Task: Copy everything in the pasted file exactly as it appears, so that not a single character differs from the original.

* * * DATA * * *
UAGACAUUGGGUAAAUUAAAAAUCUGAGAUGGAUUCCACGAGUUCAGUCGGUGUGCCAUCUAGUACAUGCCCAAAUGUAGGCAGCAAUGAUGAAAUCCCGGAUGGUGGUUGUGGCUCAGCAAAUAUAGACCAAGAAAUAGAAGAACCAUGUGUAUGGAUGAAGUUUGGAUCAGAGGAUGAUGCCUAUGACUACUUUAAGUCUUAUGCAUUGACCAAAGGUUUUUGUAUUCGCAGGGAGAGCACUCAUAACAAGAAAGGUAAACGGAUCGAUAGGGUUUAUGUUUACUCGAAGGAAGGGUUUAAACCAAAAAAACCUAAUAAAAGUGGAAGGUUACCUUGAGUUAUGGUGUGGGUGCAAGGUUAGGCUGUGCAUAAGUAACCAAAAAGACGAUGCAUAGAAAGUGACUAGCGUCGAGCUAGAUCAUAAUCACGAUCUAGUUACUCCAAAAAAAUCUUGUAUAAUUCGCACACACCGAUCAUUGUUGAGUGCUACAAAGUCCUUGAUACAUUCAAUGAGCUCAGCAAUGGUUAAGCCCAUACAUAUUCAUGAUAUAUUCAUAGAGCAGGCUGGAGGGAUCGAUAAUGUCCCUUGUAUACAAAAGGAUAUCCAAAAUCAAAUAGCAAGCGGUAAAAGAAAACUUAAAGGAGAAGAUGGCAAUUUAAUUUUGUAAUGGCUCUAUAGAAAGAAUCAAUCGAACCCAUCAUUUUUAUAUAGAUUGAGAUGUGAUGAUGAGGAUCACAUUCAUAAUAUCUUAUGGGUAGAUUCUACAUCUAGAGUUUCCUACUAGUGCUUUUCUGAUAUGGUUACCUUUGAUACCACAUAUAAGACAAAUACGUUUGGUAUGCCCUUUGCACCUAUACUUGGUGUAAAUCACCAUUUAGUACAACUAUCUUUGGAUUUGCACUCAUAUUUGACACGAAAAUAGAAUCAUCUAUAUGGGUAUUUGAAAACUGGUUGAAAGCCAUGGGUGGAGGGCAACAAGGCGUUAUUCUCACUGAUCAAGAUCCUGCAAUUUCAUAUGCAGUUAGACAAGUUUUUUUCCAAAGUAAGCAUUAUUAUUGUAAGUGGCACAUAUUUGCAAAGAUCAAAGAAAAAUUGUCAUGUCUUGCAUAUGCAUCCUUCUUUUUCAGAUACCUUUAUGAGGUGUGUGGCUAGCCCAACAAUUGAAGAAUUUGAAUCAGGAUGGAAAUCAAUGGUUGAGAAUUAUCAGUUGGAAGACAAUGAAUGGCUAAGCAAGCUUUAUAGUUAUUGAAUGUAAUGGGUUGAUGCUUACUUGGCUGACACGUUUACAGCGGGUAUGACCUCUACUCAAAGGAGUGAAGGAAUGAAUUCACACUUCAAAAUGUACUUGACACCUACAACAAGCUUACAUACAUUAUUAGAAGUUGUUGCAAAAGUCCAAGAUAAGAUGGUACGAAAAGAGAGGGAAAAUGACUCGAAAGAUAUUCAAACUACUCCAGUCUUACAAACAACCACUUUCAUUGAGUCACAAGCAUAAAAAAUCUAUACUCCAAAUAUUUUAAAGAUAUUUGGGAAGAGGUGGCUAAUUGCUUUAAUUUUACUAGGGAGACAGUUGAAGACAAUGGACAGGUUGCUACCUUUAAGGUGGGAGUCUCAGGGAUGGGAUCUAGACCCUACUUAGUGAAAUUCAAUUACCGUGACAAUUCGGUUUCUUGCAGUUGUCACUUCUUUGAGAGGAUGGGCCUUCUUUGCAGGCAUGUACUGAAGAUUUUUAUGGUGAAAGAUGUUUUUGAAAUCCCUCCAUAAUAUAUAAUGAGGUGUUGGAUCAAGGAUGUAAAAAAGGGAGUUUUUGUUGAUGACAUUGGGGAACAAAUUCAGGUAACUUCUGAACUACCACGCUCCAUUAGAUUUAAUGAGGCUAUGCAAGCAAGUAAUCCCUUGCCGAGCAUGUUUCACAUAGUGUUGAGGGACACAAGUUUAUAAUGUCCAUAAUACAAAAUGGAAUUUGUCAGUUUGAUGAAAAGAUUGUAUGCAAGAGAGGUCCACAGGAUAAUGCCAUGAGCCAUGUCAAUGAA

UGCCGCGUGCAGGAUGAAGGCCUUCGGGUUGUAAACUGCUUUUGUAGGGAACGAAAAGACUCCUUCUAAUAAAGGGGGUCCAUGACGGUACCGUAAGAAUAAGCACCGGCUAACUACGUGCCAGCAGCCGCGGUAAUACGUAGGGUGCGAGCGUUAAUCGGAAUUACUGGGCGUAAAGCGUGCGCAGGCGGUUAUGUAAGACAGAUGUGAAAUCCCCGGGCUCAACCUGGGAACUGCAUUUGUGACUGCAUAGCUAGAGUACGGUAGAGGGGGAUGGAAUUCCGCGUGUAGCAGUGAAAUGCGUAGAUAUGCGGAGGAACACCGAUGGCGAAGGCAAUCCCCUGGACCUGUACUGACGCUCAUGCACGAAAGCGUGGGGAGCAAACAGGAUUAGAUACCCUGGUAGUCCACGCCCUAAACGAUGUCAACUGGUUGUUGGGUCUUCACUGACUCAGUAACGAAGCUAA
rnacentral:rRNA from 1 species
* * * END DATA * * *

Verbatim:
UAGACAUUGGGUAAAUUAAAAAUCUGAGAUGGAUUCCACGAGUUCAGUCGGUGUGCCAUCUAGUACAUGCCCAAAUGUAGGCAGCAAUGAUGAAAUCCCGGAUGGUGGUUGUGGCUCAGCAAAUAUAGACCAAGAAAUAGAAGAACCAUGUGUAUGGAUGAAGUUUGGAUCAGAGGAUGAUGCCUAUGACUACUUUAAGUCUUAUGCAUUGACCAAAGGUUUUUGUAUUCGCAGGGAGAGCACUCAUAACAAGAAAGGUAAACGGAUCGAUAGGGUUUAUGUUUACUCGAAGGAAGGGUUUAAACCAAAAAAACCUAAUAAAAGUGGAAGGUUACCUUGAGUUAUGGUGUGGGUGCAAGGUUAGGCUGUGCAUAAGUAACCAAAAAGACGAUGCAUAGAAAGUGACUAGCGUCGAGCUAGAUCAUAAUCACGAUCUAGUUACUCCAAAAAAAUCUUGUAUAAUUCGCACACACCGAUCAUUGUUGAGUGCUACAAAGUCCUUGAUACAUUCAAUGAGCUCAGCAAUGGUUAAGCCCAUACAUAUUCAUGAUAUAUUCAUAGAGCAGGCUGGAGGGAUCGAUAAUGUCCCUUGUAUACAAAAGGAUAUCCAAAAUCAAAUAGCAAGCGGUAAAAGAAAACUUAAAGGAGAAGAUGGCAAUUUAAUUUUGUAAUGGCUCUAUAGAAAGAAUCAAUCGAACCCAUCAUUUUUAUAUAGAUUGAGAUGUGAUGAUGAGGAUCACAUUCAUAAUAUCUUAUGGGUAGAUUCUACAUCUAGAGUUUCCUACUAGUGCUUUUCUGAUAUGGUUACCUUUGAUACCACAUAUAAGACAAAUACGUUUGGUAUGCCCUUUGCACCUAUACUUGGUGUAAAUCACCAUUUAGUACAACUAUCUUUGGAUUUGCACUCAUAUUUGACACGAAAAUAGAAUCAUCUAUAUGGGUAUUUGAAAACUGGUUGAAAGCCAUGGGUGGAGGGCAACAAGGCGUUAUUCUCACUGAUCAAGAUCCUGCAAUUUCAUAUGCAGUUAGACAAGUUUUUUUCCAAAGUAAGCAUUAUUAUUGUAAGUGGCACAUAUUUGCAAAGAUCAAAGAAAAAUUGUCAUGUCUUGCAUAUGCAUCCUUCUUUUUCAGAUACCUUUAUGAGGUGUGUGGCUAGCCCAACAAUUGAAGAAUUUGAAUCAGGAUGGAAAUCAAUGGUUGAGAAUUAUCAGUUGGAAGACAAUGAAUGGCUAAGCAAGCUUUAUAGUUAUUGAAUGUAAUGGGUUGAUGCUUACUUGGCUGACACGUUUACAGCGGGUAUGACCUCUACUCAAAGGAGUGAAGGAAUGAAUUCACACUUCAAAAUGUACUUGACACCUACAACAAGCUUACAUACAUUAUUAGAAGUUGUUGCAAAAGUCCAAGAUAAGAUGGUACGAAAAGAGAGGGAAAAUGACUCGAAAGAUAUUCAAACUACUCCAGUCUUACAAACAACCACUUUCAUUGAGUCACAAGCAUAAAAAAUCUAUACUCCAAAUAUUUUAAAGAUAUUUGGGAAGAGGUGGCUAAUUGCUUUAAUUUUACUAGGGAGACAGUUGAAGACAAUGGACAGGUUGCUACCUUUAAGGUGGGAGUCUCAGGGAUGGGAUCUAGACCCUACUUAGUGAAAUUCAAUUACCGUGACAAUUCGGUUUCUUGCAGUUGUCACUUCUUUGAGAGGAUGGGCCUUCUUUGCAGGCAUGUACUGAAGAUUUUUAUGGUGAAAGAUGUUUUUGAAAUCCCUCCAUAAUAUAUAAUGAGGUGUUGGAUCAAGGAUGUAAAAAAGGGAGUUUUUGUUGAUGACAUUGGGGAACAAAUUCAGGUAACUUCUGAACUACCACGCUCCAUUAGAUUUAAUGAGGCUAUGCAAGCAAGUAAUCCCUUGCCGAGCAUGUUUCACAUAGUGUUGAGGGACACAAGUUUAUAAUGUCCAUAAUACAAAAUGGAAUUUGUCAGUUUGAUGAAAAGAUUGUAUGCAAGAGAGGUCCACAGGAUAAUGCCAUGAGCCAUGUCAAUGAA

UGCCGCGUGCAGGAUGAAGGCCUUCGGGUUGUAAACUGCUUUUGUAGGGAACGAAAAGACUCCUUCUAAUAAAGGGGGUCCAUGACGGUACCGUAAGAAUAAGCACCGGCUAACUACGUGCCAGCAGCCGCGGUAAUACGUAGGGUGCGAGCGUUAAUCGGAAUUACUGGGCGUAAAGCGUGCGCAGGCGGUUAUGUAAGACAGAUGUGAAAUCCCCGGGCUCAACCUGGGAACUGCAUUUGUGACUGCAUAGCUAGAGUACGGUAGAGGGGGAUGGAAUUCCGCGUGUAGCAGUGAAAUGCGUAGAUAUGCGGAGGAACACCGAUGGCGAAGGCAAUCCCCUGGACCUGUACUGACGCUCAUGCACGAAAGCGUGGGGAGCAAACAGGAUUAGAUACCCUGGUAGUCCACGCCCUAAACGAUGUCAACUGGUUGUUGGGUCUUCACUGACUCAGUAACGAAGCUAA
rnacentral:rRNA from 1 species